My companion, Passionata and I tried numerous times to attend panels. We made the mistake of trying to attend the LOTR panel first. Big mistake. We arrived on the top floor and immediately were greeted by a labyrinth maze in three different locations of 3 different rankings of attendees, all waiting for the LOTR panel. According to the Irving Convention Center’s website, the area for panels seats 1040 people. I have no doubt that number was reached. Check out our footage from the line (we only filmed general admission) which spanned the entire pre-function space and a snaking standing line only  area. While we felt very defeated about the possibility of attending a Middle Earth laden panel of nerddom, we did have the opportunity to watch as traffic on the top floor was brought to a stand still and the anxiously waiting attendees were hustled into the “precious” panel room. We also watched, and documented as volunteers yells instructions to waiting panel attendees much like a military drill.


Since the panels were so packed, we could assume that the number of canceled celebrities made for fewer panel options, and therefore, higher attendance. I would suggest in the future, that DCC maybe set aside an area for press to cover the panels. In an attempt to get as much coverage and interviews as we can, it is difficult to commit to standing in a line for hours, sacrificing precious footage for wait time.


While the organization of herds of nerds have left something to be desired in previous years a t many of Dallas Comic Con’s events, this organizational maneuver seems far more logical and streamlined than any I have seen in the past. For the first time since I began attending, the escalators didn’t break or stop working. The traffic through problem areas moved as smooth as water, and the human herding seemed….peaceful and organic!

DCC events run on volunteers. There are of course, official representatives of the conventions, but if you have ever attended one of the Dallas Comic con events, you know, the orange shirt clad volunteers are like a small army, and they DO know what they are doing. they are the most informed and organized bunch of volunteers I have ever seen. As a matter of fact, I don’t know of many conventions in Dallas whose volunteers are anything but informed and helpful. Dallas does it right, and does it well. However, with volunteers in authoritative positions, there are always a few who may push the line from being helpful to becoming a yelling drill sergeant, and sometimes downright disrespectful. Now these are a small few, but it leaves a very bad taste in the mouth of con goers who pay a fine price for tickets to the event.  I overheard a ticket holder refer to this as “welcome to being yelled at for being at a convention” . DCC might do well with making sure that the volunteers aren’t turning the ticket buyers off from attending by treating us like criminals. Although I understand the need to move herds of humans from one location to another in a swift and direct manner, the delivery of that message may need to be focused and more positive.

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Sunday, we experienced some bad behavior directly. As I was standing to the side next to the restrooms, out of the path of foot traffic, we stood just outside of the perimeter for checking badges and wristbands to go into the convention. I had already checked my badge moments before when a volunteer guarding the entrance yelled to me she needed to see my wristband or badge, sternly. I was crossing in front of the entrance, not going in. I showed her my badge anyway, and continued to the wall. I saw a photographer friend of mine and attempted to get his attention. Well in a sea of people that is hard to do, of course, so I stepped out from the wall and continued to get his attention which took me inside the entrance. I was barked at to show my badge again (although I was not out of eyesight of the volunteer the whole time) and then as I caught up with him just inside the the entrance, I stopped off to the side to get out of foot traffic way while I spoke to my friend.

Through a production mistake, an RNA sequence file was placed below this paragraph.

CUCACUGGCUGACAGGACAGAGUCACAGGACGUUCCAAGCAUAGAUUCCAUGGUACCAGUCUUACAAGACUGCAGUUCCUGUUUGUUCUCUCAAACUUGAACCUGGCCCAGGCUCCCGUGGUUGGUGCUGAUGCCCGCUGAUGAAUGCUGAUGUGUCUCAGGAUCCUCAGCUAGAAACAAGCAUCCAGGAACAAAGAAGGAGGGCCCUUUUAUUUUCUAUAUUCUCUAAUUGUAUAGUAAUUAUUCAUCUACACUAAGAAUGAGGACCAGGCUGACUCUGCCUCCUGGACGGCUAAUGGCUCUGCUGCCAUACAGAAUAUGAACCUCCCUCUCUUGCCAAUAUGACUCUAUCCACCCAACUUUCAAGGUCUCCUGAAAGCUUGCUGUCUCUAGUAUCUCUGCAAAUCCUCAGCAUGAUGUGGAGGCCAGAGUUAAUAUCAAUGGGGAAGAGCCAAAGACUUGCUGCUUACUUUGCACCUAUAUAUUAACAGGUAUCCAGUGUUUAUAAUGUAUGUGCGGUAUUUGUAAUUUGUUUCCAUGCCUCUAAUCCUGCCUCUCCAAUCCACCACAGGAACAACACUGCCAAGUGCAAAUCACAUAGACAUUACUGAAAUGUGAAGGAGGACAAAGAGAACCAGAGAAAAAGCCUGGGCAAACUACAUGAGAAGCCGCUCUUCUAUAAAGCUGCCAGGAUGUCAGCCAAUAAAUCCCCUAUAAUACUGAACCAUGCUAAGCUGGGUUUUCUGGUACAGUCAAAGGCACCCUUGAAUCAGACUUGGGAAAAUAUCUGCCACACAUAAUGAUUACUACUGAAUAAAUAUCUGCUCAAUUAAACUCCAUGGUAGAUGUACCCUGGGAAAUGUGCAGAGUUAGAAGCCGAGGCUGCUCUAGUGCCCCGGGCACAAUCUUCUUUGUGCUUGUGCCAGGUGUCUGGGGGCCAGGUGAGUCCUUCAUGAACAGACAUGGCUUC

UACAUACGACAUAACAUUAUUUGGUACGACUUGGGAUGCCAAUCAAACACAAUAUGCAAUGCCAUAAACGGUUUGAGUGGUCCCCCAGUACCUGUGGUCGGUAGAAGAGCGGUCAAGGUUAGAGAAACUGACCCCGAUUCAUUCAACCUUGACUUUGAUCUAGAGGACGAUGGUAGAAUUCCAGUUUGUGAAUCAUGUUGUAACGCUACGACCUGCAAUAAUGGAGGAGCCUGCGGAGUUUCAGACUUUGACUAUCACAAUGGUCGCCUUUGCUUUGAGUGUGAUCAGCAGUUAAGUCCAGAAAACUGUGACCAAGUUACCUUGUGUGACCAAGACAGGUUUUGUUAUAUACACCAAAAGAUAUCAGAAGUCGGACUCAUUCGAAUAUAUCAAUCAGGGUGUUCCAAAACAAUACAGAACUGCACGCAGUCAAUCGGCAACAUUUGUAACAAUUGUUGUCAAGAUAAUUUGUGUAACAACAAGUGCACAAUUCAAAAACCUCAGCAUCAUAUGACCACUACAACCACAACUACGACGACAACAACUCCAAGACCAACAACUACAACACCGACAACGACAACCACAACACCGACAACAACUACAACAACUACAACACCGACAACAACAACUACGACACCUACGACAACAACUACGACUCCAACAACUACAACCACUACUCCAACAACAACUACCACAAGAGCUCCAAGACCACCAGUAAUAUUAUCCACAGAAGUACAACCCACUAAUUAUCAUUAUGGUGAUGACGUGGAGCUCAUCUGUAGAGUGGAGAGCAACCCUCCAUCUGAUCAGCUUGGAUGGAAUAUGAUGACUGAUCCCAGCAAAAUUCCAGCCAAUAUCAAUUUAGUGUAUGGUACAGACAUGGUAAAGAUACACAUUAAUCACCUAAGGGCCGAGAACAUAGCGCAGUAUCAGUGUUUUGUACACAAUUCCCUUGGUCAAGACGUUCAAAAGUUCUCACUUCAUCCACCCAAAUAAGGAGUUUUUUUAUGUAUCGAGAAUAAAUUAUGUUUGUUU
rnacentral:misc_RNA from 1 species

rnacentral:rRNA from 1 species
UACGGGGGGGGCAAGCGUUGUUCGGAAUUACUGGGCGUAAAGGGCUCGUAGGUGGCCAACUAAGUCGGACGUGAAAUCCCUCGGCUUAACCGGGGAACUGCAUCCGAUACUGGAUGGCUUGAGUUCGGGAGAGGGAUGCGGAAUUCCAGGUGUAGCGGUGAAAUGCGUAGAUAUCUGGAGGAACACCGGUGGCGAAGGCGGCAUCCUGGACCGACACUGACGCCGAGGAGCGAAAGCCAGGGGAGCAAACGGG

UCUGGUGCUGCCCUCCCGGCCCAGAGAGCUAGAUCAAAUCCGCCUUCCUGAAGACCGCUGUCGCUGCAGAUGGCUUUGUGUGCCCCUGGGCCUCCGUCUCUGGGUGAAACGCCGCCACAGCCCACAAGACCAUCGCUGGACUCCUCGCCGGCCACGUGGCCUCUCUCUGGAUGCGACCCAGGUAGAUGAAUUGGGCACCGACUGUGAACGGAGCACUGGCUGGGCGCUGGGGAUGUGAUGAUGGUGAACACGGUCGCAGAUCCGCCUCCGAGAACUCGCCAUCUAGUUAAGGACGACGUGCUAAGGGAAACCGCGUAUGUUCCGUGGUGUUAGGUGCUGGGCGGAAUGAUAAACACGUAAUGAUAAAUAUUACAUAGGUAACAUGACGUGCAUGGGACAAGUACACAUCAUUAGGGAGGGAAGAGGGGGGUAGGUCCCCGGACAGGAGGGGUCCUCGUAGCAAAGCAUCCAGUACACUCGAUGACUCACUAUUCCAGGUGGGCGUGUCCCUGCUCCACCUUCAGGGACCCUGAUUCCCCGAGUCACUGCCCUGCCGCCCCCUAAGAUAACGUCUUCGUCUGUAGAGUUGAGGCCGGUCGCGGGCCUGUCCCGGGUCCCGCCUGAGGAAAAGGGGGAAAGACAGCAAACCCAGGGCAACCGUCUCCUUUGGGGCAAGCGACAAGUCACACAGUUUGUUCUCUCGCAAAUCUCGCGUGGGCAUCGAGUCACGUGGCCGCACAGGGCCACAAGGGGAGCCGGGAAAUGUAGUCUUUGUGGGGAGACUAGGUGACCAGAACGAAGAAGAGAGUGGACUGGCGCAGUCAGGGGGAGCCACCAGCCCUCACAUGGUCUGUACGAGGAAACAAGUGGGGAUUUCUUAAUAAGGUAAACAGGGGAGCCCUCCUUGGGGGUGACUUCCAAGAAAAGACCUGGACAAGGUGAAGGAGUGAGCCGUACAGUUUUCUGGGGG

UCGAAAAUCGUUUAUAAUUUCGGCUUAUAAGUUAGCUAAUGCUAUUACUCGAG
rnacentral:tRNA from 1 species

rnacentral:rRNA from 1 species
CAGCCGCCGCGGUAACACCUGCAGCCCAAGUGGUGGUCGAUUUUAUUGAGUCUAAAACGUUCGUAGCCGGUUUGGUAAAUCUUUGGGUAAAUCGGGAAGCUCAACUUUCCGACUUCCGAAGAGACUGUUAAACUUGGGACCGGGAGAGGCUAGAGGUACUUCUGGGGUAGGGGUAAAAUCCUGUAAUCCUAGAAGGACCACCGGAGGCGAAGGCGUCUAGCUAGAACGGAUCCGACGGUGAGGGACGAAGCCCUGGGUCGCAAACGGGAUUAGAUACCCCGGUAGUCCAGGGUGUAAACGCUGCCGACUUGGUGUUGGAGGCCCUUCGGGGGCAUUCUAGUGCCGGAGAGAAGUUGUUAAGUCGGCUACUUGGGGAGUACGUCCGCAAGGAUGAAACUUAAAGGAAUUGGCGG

A volunteer from the same entrance and exit yelled to us in an obnoxious volume that we could not take pictures there, we needed to go to the red carpet for photos and not block traffic. My friend and I stared dumbfounded, although he had a camera around his neck and I was in a costume, he was not even taking a picture! We were simply standing together! This Photographer is a major shooter for local papers and online journals. I don’t expect people or con reps to know who we as press are by our faces, but I do need to get respect from con employees whether I am there as press or for my own enjoyment. We arent trying to get away with murder or even any rule breaking!

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We needed to connect as media, and touch base. But even if we weren’t media, we weren’t breaking rules! Was there a need to speak to us as if we were breaking rules? No one was blocking traffic or holding up commerce and travel. so what gives? Give the ticket holders and media the respect and courtesy they have so generously given your convention by spending their time and talent covering your event. Again, I only experienced this treatment from a few individuals representing the convention, but it might behoove them to treat the attendees not wearing orange or red with respect or courtesy.

Despite those tiny moments, we really enjoyed all three days of the convention. The children’s costume contest was fantastic, and I think it is great that DCC gives attention to the younger cosplayers! DCC Fandays did a great job against all odds of an infectious disease working against it’s success to provide great content, and exciting celebrity opportunities.

Cheers to another successful Comic Convention!

By Bryan Kluger

Former husky model, real-life Comic Book Guy, genre-bending screenwriter, nude filmmaker, hairy podcaster, pro-wrestling idiot-savant, who has a penchant for solving Rubik's Cubes and rolling candy cigarettes on unreleased bootlegs of Frank Zappa records.